The Fobos spacecraft was intended to land an autonomous station of the Marian moon. It would communicate with Earth on 1672 MHz. The PROP-F "hoppers" may have used 280 MHz return link and 401.5 MHz forward link - I think.

The Mars-96 spacecraft carried "penetrators" that used the international standard 401.529/437.1 MHz link.

 

Frequencies used

The table below summarizes my knowledge of frequencies used by Soviet/Russian interplanetary probes. Numbers maked red come directly from Soviet media reports an later post-Soviet literature. Data from Joe Bruman at JPL marked blue. Numbers marked green come from the Library of Congress reports on the Soviet space program.

Spacecraft Purpose Flight

Metre band
MHz
 

32/39 cm
MHz
8 cm
MHz
5 cm
GHz
X-band
GHz
Lander-probe Lander-earth
Venera            

-

   
1VA Venus impact Venera-1

-

922.8 /769

-

-

-

-

-

2MV-1 Venus landing 25 Aug/1 sept 62 failures 183.6/101.9 922.76/768.96 3691.04 5.84?

-

-

922.76

2MV-2 Venus photo flyby Sept 12, 1962 failure 183.6/101.9 922.76/768.96 3691.04 5.84

-

-

-

3MV-1A Venus test flight Kosmos-21, Feb 19, 1964

-

     

 -

-

922

3MV-1 Venus landing K-27, Zond-1

-

922.76 /768.96    

-

-

922.76

3MV-2 Venus photo flyby Venera-2

922.763 /768.969    

-

-

-

3MV-3 Venus landing Venera-3

922.763 /768.969    

-

-

922.76

1V Venus landing Venera-4

-

928.4/773.7    

-

-

928.4

2V Venus landing Venera-5,6

-

922.763 /768.969    

-

-

922.763

3V Venus landing Venera-7,8

-

928.429 /773.691   5.895

-

-

928.429

4V-1 Venus landing Venera-9,10

-

922.763/768.969 3691.04  

-

122.8 & 138.6

-

4V-1 Venus landing Venera-11,12

-

928.4/ 773.7 3713.6 5.859

-

122.8 & 138.6

-

4V-1M Venus landing Venera-13,14

-

928.4/773.7?    

-

122.8 & 138.6

-

4V-2 Venus orbit Venera-15,16

-

928.4/773.7?    

-

-

-

5VK Venus landing Vega-1.2

-

928.4/773.7?    

-

122.8 & 138.6

-

Mars              

-

     
1M Mars flyby Oct 1960 failures

-

922.8/770 3691.2

-

-

-

-

2MV-3 Mars landing 4 Nov 1962 failure

183.6/101.9 MHz

922.8/770 3691.2   

-

   
2MV-4 Mars flyby Mars-1 183.6/101.9 MHz 922.76 /768.96 3691.04 5.84

-

-

-

3MV-4A Mars photo flyby Zond-2 (Zond-3 to moon)

 -

922.763/768.969

 -

5.84

-

-

-

M71 Mars orbit & land Mars-2,3

 -

928.4 /773.7

 ?

5.84 

-

122.8 & 138.6

-

M73 Mars orbit Mars-4,5

 - 

928.4/773.7?

 ?

5.84 

-

-

-

M73 Mars flyby & land Mars-6,7

 - 

928.4/773.7

 ?

5.84 

-

122.8 & 138.6

928?

1F Mars orbit Fobos-1.2

 - 

928.4/773.7

 -

5.885/5.008

-

280/401.5?  1672 
M1 Mars orbit & land Mars-96

 - 

 - 

 -

5.008?  8.427 401.529/437.1

 -

 

 

 

 

 

 

 

 

 

 

 

 

 

 

 

 

 

 

 

 

 

 

 

 

Antennas used on various spacecraft models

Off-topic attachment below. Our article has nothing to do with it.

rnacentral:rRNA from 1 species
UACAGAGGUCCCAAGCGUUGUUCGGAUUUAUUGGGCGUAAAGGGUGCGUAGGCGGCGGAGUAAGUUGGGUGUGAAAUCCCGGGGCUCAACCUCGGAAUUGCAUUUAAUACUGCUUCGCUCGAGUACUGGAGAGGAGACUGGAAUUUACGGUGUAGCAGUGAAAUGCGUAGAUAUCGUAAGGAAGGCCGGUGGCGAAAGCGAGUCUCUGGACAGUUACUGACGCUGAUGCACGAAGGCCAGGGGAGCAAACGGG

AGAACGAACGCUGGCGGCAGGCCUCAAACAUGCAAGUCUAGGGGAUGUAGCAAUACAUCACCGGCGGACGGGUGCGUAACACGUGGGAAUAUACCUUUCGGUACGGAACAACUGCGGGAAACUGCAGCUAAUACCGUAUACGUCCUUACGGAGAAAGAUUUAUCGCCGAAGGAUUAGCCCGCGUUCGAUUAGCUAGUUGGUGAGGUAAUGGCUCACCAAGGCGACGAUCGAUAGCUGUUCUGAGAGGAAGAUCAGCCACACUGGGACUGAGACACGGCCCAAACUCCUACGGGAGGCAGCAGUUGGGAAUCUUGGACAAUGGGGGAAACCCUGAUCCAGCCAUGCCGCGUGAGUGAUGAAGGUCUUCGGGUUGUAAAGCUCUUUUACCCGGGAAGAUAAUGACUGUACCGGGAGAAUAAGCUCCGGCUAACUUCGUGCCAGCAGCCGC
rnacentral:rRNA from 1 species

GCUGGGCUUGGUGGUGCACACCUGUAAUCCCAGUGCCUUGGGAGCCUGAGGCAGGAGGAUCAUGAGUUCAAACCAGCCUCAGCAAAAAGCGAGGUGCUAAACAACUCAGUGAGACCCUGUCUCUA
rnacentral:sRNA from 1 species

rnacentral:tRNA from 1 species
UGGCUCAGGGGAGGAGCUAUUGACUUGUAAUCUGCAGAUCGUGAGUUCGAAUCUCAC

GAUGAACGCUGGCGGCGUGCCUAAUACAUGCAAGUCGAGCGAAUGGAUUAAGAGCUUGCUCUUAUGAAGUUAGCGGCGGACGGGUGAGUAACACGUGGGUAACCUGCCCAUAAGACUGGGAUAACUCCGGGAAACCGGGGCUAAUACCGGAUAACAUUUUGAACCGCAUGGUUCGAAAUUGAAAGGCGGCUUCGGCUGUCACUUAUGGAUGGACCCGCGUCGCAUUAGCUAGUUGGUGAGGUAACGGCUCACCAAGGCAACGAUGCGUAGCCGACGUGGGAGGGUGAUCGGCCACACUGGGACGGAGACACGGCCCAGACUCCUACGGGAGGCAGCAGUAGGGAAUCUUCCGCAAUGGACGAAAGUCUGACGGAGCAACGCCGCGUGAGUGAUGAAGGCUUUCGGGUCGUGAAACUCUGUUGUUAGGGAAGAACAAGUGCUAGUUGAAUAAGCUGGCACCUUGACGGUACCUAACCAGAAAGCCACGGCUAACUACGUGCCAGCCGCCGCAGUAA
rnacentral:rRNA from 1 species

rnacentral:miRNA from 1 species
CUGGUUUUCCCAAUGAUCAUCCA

1VA (Venera-1)

Picture 1: Venera-1, 1VA, launched on 12 February 1961 was the first successful vehicle that used the new decimeter.band radio systems. The news agency TASS announced the transmission frequency as 922.8 MHz. The rather detailed pictures of the craft that were released show no sins of antennas for any other frequency band, i.e. the 32/39 cm down/uplink system (922.8/769 MHz). The photo above shows two tunrstile antennas for the decimeter band an the high-gain paraboloc dish for the same frequecy band. All antennas were mounted on the shadow side of the spacecraft - the side of the craft was normally turned in the general direction of Earth. The fact that no cm-band transmitters were carried on the 1VA probe can probably be explained by the fact that no image transmissions requiring high bandwidth were planned for these early probes.

2MV-1 (25 August, 1 September 1962 failures)

Picture 2: Venus probes (2MV-1) unsuccessfully launched in August and September 1962.

The antenna configuration show antennas for the metre and decimneter links. Presumably the cm link were served by the parabolic dish. The conical helices are not used for the 2MV-4 (Mars-1) craft where the hemispherical spiral antennas were used instead.

7 - low-gain antenna. 8 - antenna for monitoring the landing capsule. 9 - transmit antenna for the meter band. 10 - reception antenna for the meter band. 11 - omni antenna for emergency radio link. 12 - antenna for the surface section.

2MV-4 (Mars-1)


Picture 3:My sketch of Mars-1 antennas


Picture 4:Decimeter band hemispherical spiral

 

 

 

 

 

 

 

 

 

 

 

Picture 5: The antenna configuration contains antennas for the metre and decimeter links. Presumably the cm link were served
by the parabolic dish. I have added arrows showing what I think are the Cassegrain feed and subreflector for the cm band links.

The conical helices are not the those used in flight where the hemispherical spiral antennas (Picture 4) were used instead.

6 - high-gain parabolic antenna. 7 - low-gain antenna. 8 - low-gain antenna. 9A - reception antenna for the meter band. 
10-omni antenna for emergency radio link.

3MV-1 (Zond-1)

 
Picture 6: 1 - parabolic antenna, 2 - low-gain antenna, 3 - boom for holding a magnetometer and an antenna for monitoring the descent vehicle.


Picture 7: Detail of Picture 6 showing low-gain antenna. This particular
antenna is mounted on a boom and intended for monitoring the signal from